Avoiding damage will go a long way in helping Curran sustain a longer career, too. It’s hard to believe, but Curran, even though he’s only 27 years of age, has already had what would amount to a lifetime’s worth of fights for many guys. With 27 fights under his belt, Curran can be considered a seasoned veteran. Yet, despite all of his activity, Curran has only been finished once and that was via submission in 2009.

Curran should be entering his athletic prime and has the experience of a veteran to fall back on after consecutive losses. He hasn’t shown a drastic decline in skills and is still a tough match-up for virtually everyone in Bellator’s 145-pound division. But where does a man who has lost consecutive fights go from here?

The answer is a bit cliché but definitely rings true: he goes back to the drawing board.

Curran’s game is solid and well balanced, so he shouldn’t start over completely. But adding some new wrinkles into his game would be beneficial for the former champion. If Curran is going to continue being a slick stand-up fighter, he may want to look into utilizing more power strikes. He is pretty adept with his head movement and defensive skills on the feet, but he isn’t throwing enough to win by pure volume punching alone. Considering how much MMA judges value visible damage to an opponent, the former Bellator champion would be wise to sit down on his counters a bit more to put some extra power behind them.

Another wrinkle Curran possesses but hasn’t shown much in recent years is his grappling game. We saw it at Bellator 95 with his submission win over Shamhalaev, but there’s so much more to Curran’s grappling game. As anyone in the Illinois-Indiana area knows, Team Curran (Pat and his cousin Jeff) have a fantastic grappling program. Even if it’s just to score some points to close out a round or keep his opponent off balance, Curran should utilize his grappling skills more. He attempted to do so against Weichel at Bellator 133 but with mixed results. I don’t know how much work Curran put in the gym for his takedowns, but if he’s going to lose a statistical battle on the feet, then taking a fight to the ground couldn’t hurt his cause.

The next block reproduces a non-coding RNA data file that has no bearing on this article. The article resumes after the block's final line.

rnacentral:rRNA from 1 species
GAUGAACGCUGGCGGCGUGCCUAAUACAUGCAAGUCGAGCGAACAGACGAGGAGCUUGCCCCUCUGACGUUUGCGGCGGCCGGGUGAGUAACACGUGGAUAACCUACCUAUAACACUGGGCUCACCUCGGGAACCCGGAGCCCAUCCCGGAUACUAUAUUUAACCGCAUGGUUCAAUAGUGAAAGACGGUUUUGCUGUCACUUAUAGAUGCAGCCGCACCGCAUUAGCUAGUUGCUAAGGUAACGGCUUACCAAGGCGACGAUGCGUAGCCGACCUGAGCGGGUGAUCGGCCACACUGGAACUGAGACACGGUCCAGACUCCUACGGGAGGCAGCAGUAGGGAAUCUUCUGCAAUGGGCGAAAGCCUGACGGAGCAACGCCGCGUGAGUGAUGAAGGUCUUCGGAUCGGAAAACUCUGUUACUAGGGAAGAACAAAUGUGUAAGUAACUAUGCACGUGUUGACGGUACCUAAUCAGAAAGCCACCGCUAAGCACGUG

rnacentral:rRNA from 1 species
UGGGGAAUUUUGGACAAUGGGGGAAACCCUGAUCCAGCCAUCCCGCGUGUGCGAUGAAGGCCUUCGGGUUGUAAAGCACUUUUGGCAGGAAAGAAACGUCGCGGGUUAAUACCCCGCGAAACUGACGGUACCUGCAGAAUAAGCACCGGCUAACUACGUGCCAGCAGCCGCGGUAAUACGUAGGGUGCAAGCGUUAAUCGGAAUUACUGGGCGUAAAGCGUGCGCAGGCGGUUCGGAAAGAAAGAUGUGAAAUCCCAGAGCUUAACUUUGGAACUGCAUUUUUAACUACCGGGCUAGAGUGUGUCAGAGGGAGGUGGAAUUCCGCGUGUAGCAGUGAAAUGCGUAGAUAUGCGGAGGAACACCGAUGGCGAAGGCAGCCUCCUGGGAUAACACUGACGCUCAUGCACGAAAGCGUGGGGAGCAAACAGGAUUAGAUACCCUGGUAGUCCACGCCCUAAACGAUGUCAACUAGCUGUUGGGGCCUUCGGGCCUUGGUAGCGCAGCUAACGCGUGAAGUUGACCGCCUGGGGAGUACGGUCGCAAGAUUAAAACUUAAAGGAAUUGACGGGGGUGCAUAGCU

With Bellator’s tournament format going by the wayside, Curran also benefits from his rivalry with current Bellator featherweight champion Freire. Despite Curran’s lack of resentment toward the Brazilian, it’s clear the feeling isn’t mutual. With their current series standing at 1-1, Curran needs only a few wins to put himself right back into the title picture with a marketable fight for Bellator CEO Scott Coker, a man who is known to have no issues with putting entertainment before rankings when he greenlights a match-up.

Curran is enduring a struggle unlike any he’s faced before. He has consecutive losses, but if history has shown us anything, it’s that the man knows how to be resilient and bounce back. If he can win his battle against depression, I’m inclined to believe he can handle the current situation in which he finds himself. Despite the setbacks, Curran is still one of Bellator’s most recognizable faces and has the best years of his career still ahead of him. With all the positives outweighing the negatives, look for “Paddy Mike” to rebound and insert himself back into title contention with his upcoming bout.

About The Author

Kyle Symes
Staff Writer

Kyle is a graduate of Aurora University, where he obtained a Bachelor's in Communications. Kyle resides in Illinois, just outside of Chicago. He played baseball and football in both high school and college, but is now focusing on an amateur MMA career. His work has appeared on Bleacher Report and The MMA Corner.